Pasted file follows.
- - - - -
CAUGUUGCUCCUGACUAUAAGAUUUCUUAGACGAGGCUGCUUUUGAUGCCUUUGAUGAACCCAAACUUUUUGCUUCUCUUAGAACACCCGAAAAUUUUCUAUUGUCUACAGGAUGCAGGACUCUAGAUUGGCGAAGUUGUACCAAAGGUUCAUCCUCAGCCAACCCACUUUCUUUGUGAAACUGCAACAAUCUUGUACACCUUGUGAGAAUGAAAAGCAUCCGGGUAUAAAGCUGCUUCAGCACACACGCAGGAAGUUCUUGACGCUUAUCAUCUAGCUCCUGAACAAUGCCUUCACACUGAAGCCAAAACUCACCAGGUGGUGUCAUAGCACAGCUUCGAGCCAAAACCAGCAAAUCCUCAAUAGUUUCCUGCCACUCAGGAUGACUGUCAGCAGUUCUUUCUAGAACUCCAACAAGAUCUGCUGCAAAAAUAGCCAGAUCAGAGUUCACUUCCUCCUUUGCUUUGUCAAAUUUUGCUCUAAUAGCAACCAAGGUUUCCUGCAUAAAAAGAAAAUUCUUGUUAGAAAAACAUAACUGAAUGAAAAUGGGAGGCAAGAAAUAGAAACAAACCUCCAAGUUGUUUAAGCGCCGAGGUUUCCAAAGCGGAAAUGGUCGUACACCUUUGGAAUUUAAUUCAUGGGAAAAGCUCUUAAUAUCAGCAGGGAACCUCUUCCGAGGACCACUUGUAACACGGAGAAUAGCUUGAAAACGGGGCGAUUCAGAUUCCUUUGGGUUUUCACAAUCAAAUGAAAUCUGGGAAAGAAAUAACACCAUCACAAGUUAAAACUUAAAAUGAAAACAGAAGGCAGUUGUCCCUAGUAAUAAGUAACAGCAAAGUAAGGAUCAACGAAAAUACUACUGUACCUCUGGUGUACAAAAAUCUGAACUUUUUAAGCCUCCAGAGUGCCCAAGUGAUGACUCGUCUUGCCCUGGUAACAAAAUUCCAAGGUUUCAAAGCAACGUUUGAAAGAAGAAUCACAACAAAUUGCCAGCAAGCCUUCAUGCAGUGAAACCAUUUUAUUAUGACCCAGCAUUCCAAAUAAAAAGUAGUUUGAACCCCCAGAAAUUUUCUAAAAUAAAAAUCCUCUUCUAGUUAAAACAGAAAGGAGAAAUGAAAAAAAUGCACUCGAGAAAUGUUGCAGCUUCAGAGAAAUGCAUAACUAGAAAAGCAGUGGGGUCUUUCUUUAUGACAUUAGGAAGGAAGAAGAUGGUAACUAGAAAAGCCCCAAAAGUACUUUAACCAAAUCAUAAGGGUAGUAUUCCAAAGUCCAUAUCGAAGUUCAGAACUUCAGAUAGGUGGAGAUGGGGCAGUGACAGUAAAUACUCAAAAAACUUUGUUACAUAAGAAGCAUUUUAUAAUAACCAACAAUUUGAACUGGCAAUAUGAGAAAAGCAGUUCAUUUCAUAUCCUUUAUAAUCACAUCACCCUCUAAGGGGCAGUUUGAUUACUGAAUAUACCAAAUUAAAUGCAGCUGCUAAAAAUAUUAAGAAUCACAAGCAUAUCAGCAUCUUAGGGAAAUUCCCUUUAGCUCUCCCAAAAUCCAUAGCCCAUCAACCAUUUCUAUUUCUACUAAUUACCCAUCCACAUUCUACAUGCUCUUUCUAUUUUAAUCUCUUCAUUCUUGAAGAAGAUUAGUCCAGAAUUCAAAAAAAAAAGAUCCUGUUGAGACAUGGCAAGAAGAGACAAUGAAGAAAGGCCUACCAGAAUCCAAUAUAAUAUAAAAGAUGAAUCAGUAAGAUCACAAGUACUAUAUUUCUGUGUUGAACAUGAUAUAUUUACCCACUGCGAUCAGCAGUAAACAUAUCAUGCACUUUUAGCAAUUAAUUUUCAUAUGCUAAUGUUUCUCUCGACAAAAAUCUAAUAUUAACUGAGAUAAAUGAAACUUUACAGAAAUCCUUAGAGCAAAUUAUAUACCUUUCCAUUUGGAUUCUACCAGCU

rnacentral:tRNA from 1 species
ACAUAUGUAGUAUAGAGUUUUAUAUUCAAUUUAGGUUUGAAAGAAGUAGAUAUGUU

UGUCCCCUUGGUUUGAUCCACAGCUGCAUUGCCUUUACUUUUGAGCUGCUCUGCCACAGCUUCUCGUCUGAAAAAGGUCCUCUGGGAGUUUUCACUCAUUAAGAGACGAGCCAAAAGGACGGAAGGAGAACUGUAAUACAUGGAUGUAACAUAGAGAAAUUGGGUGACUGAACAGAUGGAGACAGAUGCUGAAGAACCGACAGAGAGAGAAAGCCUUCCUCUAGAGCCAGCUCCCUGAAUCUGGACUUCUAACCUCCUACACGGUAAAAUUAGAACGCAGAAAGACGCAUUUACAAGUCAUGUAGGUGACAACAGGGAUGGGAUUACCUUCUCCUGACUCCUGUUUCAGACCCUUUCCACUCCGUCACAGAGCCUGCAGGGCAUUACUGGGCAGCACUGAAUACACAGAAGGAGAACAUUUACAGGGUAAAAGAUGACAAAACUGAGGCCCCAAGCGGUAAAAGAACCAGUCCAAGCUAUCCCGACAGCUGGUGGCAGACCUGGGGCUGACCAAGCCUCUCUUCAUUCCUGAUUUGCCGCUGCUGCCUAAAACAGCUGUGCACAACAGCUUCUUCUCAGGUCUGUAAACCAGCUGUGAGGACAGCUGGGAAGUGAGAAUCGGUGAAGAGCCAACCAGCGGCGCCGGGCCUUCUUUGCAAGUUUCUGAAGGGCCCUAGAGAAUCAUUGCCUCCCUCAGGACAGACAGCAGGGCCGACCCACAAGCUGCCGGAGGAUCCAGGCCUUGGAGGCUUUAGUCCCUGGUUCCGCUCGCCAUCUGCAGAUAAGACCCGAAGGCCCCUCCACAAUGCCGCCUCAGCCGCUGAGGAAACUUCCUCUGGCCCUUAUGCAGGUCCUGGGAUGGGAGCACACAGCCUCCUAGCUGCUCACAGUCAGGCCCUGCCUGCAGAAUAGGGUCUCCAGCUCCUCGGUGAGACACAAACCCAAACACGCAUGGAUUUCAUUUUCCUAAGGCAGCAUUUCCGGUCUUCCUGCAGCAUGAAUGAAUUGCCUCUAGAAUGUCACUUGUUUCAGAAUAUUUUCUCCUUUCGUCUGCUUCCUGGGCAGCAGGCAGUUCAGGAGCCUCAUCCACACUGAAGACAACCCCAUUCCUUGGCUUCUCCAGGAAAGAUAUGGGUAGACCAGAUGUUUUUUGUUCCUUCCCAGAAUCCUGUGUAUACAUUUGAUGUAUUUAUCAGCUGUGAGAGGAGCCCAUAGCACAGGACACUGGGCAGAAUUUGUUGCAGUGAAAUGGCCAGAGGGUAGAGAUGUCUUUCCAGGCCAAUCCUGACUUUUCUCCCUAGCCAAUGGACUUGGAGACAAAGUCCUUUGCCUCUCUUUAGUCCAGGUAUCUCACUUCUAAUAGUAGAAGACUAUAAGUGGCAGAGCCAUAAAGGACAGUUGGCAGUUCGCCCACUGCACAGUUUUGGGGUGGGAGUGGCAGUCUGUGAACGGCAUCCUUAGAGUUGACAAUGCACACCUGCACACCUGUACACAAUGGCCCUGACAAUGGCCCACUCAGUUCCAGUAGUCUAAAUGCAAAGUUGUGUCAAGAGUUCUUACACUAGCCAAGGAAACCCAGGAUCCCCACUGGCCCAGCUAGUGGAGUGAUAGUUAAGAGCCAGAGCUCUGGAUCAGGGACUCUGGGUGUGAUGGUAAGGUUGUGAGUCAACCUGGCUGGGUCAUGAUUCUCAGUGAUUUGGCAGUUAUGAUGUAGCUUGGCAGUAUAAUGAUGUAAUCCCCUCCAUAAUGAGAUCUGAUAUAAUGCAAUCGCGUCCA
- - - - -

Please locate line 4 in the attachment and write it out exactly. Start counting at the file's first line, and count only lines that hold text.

UGUCCCCUUGGUUUGAUCCACAGCUGCAUUGCCUUUACUUUUGAGCUGCUCUGCCACAGCUUCUCGUCUGAAAAAGGUCCUCUGGGAGUUUUCACUCAUUAAGAGACGAGCCAAAAGGACGGAAGGAGAACUGUAAUACAUGGAUGUAACAUAGAGAAAUUGGGUGACUGAACAGAUGGAGACAGAUGCUGAAGAACCGACAGAGAGAGAAAGCCUUCCUCUAGAGCCAGCUCCCUGAAUCUGGACUUCUAACCUCCUACACGGUAAAAUUAGAACGCAGAAAGACGCAUUUACAAGUCAUGUAGGUGACAACAGGGAUGGGAUUACCUUCUCCUGACUCCUGUUUCAGACCCUUUCCACUCCGUCACAGAGCCUGCAGGGCAUUACUGGGCAGCACUGAAUACACAGAAGGAGAACAUUUACAGGGUAAAAGAUGACAAAACUGAGGCCCCAAGCGGUAAAAGAACCAGUCCAAGCUAUCCCGACAGCUGGUGGCAGACCUGGGGCUGACCAAGCCUCUCUUCAUUCCUGAUUUGCCGCUGCUGCCUAAAACAGCUGUGCACAACAGCUUCUUCUCAGGUCUGUAAACCAGCUGUGAGGACAGCUGGGAAGUGAGAAUCGGUGAAGAGCCAACCAGCGGCGCCGGGCCUUCUUUGCAAGUUUCUGAAGGGCCCUAGAGAAUCAUUGCCUCCCUCAGGACAGACAGCAGGGCCGACCCACAAGCUGCCGGAGGAUCCAGGCCUUGGAGGCUUUAGUCCCUGGUUCCGCUCGCCAUCUGCAGAUAAGACCCGAAGGCCCCUCCACAAUGCCGCCUCAGCCGCUGAGGAAACUUCCUCUGGCCCUUAUGCAGGUCCUGGGAUGGGAGCACACAGCCUCCUAGCUGCUCACAGUCAGGCCCUGCCUGCAGAAUAGGGUCUCCAGCUCCUCGGUGAGACACAAACCCAAACACGCAUGGAUUUCAUUUUCCUAAGGCAGCAUUUCCGGUCUUCCUGCAGCAUGAAUGAAUUGCCUCUAGAAUGUCACUUGUUUCAGAAUAUUUUCUCCUUUCGUCUGCUUCCUGGGCAGCAGGCAGUUCAGGAGCCUCAUCCACACUGAAGACAACCCCAUUCCUUGGCUUCUCCAGGAAAGAUAUGGGUAGACCAGAUGUUUUUUGUUCCUUCCCAGAAUCCUGUGUAUACAUUUGAUGUAUUUAUCAGCUGUGAGAGGAGCCCAUAGCACAGGACACUGGGCAGAAUUUGUUGCAGUGAAAUGGCCAGAGGGUAGAGAUGUCUUUCCAGGCCAAUCCUGACUUUUCUCCCUAGCCAAUGGACUUGGAGACAAAGUCCUUUGCCUCUCUUUAGUCCAGGUAUCUCACUUCUAAUAGUAGAAGACUAUAAGUGGCAGAGCCAUAAAGGACAGUUGGCAGUUCGCCCACUGCACAGUUUUGGGGUGGGAGUGGCAGUCUGUGAACGGCAUCCUUAGAGUUGACAAUGCACACCUGCACACCUGUACACAAUGGCCCUGACAAUGGCCCACUCAGUUCCAGUAGUCUAAAUGCAAAGUUGUGUCAAGAGUUCUUACACUAGCCAAGGAAACCCAGGAUCCCCACUGGCCCAGCUAGUGGAGUGAUAGUUAAGAGCCAGAGCUCUGGAUCAGGGACUCUGGGUGUGAUGGUAAGGUUGUGAGUCAACCUGGCUGGGUCAUGAUUCUCAGUGAUUUGGCAGUUAUGAUGUAGCUUGGCAGUAUAAUGAUGUAAUCCCCUCCAUAAUGAGAUCUGAUAUAAUGCAAUCGCGUCCA